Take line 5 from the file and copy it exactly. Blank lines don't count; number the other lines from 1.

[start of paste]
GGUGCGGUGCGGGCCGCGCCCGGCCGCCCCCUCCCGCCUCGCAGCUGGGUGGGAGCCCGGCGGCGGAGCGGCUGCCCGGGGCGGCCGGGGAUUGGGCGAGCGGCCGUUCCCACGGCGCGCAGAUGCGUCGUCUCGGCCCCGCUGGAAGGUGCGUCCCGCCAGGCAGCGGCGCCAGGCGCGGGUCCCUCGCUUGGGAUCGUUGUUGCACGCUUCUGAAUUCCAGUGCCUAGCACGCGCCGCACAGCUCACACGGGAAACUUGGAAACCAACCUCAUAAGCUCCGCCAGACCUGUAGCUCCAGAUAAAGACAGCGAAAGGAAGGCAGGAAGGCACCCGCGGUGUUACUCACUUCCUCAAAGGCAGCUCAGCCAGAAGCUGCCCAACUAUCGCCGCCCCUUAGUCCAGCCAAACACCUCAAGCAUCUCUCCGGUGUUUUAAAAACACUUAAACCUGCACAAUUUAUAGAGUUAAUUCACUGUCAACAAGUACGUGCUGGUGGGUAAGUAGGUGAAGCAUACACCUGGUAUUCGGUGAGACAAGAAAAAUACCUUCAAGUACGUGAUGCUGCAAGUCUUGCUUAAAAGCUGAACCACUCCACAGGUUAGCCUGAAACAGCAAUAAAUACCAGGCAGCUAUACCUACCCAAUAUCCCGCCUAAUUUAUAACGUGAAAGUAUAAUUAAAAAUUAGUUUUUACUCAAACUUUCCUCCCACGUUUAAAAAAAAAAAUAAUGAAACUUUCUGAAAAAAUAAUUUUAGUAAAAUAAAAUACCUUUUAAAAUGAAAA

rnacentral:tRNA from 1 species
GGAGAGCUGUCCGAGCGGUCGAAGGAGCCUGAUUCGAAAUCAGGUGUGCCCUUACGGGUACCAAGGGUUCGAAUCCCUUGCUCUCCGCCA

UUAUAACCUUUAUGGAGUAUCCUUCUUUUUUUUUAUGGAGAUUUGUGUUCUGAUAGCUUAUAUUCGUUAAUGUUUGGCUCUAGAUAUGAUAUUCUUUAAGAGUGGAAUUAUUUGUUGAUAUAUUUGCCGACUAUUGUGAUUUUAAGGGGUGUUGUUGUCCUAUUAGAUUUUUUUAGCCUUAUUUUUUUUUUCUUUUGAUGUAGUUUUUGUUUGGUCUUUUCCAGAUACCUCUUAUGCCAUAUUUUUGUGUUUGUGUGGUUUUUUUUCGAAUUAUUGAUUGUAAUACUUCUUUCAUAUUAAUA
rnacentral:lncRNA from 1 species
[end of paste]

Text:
rnacentral:lncRNA from 1 species